Quick Response #10: Back-Alley Abortions

Emily Albrecht responds to the pro-choice concern about back-alley abortions. Pro-choice advocates claim that, if abortion becomes illegal, more women will die in “back-alleys” trying to have dangerous abortions. How should this effect our thinking about the legality of abortion?

Watch all the videos in ERI’s Quick Response series here: https://www.youtube.com/playlist?list=PLsN8Ay8poS-It-dWSmblq1ZufOH-MVj1L

Related Links:

Banning Abortion Won’t Stop Abortions

Statistics on the Abortion Rate:

Alternative Reality Story:

Pro-Life Apologetics: The Equal Rights Argument:

Script Text

Pro-choice people are often legitimately concerned about the effects of making abortion illegal. They believe that women will still seek abortions, but those abortions will now be conducted in dangerous environments or “back-alleys” as the slogan goes. Now, I’ve often heard it asserted that these back-alley abortions will continue AT THE EXACT SAME RATE as legal abortions occur now, and this rhetoric quite frankly makes no sense. The abortion rate doubled immediately after abortion was legalized, making it quite clear that more women wanted legal abortions than illegal ones. We address this further in our video “Quick Response: Banning Abortions Won’t Stop Abortions,” so go check that out for a more thorough response.

While we believe that the far majority of women will no longer seek an abortion if it is made illegal, there will still be some women who are desperate enough to seek an unsafe, illegal abortion, and those women certainly need to be discussed.

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 I don’t want anyone to get hurt in an abortion, legal or illegal. But I also don’t think that we can hold the law hostage because of citizens threatening to hurt themselves. Let me explain what I mean with a bit of a weird story:

Let’s suppose that we live in an alternative reality where abortion as we know it is physically impossible. The uterus is so protective of the fetus that you simply cannot reach the fetus to kill it by the medical or surgical means that we use today. The only way you could kill the fetus would be to do something drastic that would injure the woman as well—like stabbing her abdomen with a knife, for example. In this world, infanticide is also illegal, just like it is in the United States today, but there is a group of pregnant women who are campaigning to make infanticide legal. They are so desperate to not have a child that they are threatening to stab themselves in the abdomen with a knife if the government won’t let them kill their infant after it is born. Thus, there is severe pressure for the government to make infanticide legal in order to prevent these women from hurting themselves in the pursuit of an inherently-dangerous abortion.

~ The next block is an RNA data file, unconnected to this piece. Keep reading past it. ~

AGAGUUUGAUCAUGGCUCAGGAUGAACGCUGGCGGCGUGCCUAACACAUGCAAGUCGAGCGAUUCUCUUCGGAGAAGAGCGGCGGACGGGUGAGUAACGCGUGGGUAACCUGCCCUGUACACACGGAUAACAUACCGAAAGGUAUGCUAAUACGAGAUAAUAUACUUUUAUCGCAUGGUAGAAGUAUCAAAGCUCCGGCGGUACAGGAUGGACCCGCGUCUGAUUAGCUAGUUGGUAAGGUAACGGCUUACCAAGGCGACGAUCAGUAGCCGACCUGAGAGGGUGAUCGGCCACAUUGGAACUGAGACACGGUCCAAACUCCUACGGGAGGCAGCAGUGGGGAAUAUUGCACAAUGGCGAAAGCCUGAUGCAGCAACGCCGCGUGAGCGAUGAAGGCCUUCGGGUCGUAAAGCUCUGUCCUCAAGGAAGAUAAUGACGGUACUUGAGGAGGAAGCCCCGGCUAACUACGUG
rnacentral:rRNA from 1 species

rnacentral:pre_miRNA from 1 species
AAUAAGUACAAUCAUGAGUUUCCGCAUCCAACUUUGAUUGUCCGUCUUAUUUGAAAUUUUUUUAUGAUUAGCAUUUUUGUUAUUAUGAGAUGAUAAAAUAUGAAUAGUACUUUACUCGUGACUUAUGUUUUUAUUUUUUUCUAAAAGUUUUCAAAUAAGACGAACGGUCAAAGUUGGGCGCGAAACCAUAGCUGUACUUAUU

This is an extremely tragic situation. Now, I’m not saying that this is what women are like or that there are any women out there who would actually do this. And I absolutely do NOT want any women to hurt themselves. But, I also don’t think that the government can hold the law hostage because of citizens threatening to hurt themselves. That alternative universe shouldn’t make infanticide legal because infanticide is clearly wrong. It’s the kind of wrong where innocent people are subject to violence and murder. Regardless of your other politics, I think we can agree that innocent people being subject to violence and murder is the kind of thing the government should have laws against. 

So if the prohibition of infanticide shouldn’t be held hostage by people threatening to hurt themselves, then the outlawing of abortion shouldn’t be held hostage either. The true question is whether pro-lifers are right that the killing of human infants and the killing of human fetuses should be viewed with equal weight. If you use the Equal Rights Argument to establish that the unborn deserve the same right to life and protection from violence as newborn humans, then the answer is simple. I don’t want anyone to get hurt in an abortion, legal or illegal. But the potential of back-alley abortions is not enough to justify the legality of deliberately killing humans.

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